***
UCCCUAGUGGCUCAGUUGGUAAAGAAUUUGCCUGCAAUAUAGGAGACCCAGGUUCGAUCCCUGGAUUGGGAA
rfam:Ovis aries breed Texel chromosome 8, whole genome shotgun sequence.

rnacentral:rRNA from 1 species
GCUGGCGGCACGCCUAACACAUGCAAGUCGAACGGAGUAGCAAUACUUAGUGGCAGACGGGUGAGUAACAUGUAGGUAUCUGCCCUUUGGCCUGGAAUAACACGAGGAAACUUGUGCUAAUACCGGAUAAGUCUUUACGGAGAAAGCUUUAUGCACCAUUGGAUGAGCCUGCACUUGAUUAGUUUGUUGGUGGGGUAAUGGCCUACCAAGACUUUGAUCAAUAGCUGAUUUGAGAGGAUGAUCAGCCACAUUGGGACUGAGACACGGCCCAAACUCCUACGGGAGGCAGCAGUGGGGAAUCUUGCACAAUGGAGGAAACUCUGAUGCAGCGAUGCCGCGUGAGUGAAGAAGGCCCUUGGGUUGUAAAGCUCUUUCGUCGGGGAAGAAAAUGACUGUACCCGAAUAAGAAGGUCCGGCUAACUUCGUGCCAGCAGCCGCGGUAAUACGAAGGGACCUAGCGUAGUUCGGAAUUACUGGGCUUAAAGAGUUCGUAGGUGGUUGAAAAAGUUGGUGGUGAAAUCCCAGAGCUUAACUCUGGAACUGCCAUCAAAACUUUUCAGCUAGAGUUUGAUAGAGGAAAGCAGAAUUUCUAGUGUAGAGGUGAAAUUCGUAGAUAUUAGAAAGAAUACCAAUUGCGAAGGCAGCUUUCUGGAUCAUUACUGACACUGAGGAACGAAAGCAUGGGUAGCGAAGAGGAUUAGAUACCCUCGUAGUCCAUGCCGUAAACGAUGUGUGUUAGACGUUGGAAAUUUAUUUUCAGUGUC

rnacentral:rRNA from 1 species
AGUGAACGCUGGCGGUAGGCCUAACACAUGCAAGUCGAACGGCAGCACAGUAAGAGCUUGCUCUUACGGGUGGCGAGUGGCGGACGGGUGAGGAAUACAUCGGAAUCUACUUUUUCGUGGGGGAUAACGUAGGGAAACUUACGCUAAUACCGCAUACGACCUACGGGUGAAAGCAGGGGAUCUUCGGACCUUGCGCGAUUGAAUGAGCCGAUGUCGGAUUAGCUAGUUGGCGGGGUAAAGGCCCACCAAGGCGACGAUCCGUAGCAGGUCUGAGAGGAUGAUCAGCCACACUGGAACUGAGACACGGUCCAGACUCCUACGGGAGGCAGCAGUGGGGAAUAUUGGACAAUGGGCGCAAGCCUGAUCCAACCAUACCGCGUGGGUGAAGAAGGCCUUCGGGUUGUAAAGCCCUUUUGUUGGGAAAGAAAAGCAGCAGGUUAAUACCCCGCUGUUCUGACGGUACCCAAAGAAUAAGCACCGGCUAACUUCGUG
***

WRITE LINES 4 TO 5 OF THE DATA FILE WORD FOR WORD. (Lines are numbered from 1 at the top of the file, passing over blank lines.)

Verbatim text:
GCUGGCGGCACGCCUAACACAUGCAAGUCGAACGGAGUAGCAAUACUUAGUGGCAGACGGGUGAGUAACAUGUAGGUAUCUGCCCUUUGGCCUGGAAUAACACGAGGAAACUUGUGCUAAUACCGGAUAAGUCUUUACGGAGAAAGCUUUAUGCACCAUUGGAUGAGCCUGCACUUGAUUAGUUUGUUGGUGGGGUAAUGGCCUACCAAGACUUUGAUCAAUAGCUGAUUUGAGAGGAUGAUCAGCCACAUUGGGACUGAGACACGGCCCAAACUCCUACGGGAGGCAGCAGUGGGGAAUCUUGCACAAUGGAGGAAACUCUGAUGCAGCGAUGCCGCGUGAGUGAAGAAGGCCCUUGGGUUGUAAAGCUCUUUCGUCGGGGAAGAAAAUGACUGUACCCGAAUAAGAAGGUCCGGCUAACUUCGUGCCAGCAGCCGCGGUAAUACGAAGGGACCUAGCGUAGUUCGGAAUUACUGGGCUUAAAGAGUUCGUAGGUGGUUGAAAAAGUUGGUGGUGAAAUCCCAGAGCUUAACUCUGGAACUGCCAUCAAAACUUUUCAGCUAGAGUUUGAUAGAGGAAAGCAGAAUUUCUAGUGUAGAGGUGAAAUUCGUAGAUAUUAGAAAGAAUACCAAUUGCGAAGGCAGCUUUCUGGAUCAUUACUGACACUGAGGAACGAAAGCAUGGGUAGCGAAGAGGAUUAGAUACCCUCGUAGUCCAUGCCGUAAACGAUGUGUGUUAGACGUUGGAAAUUUAUUUUCAGUGUC

rnacentral:rRNA from 1 species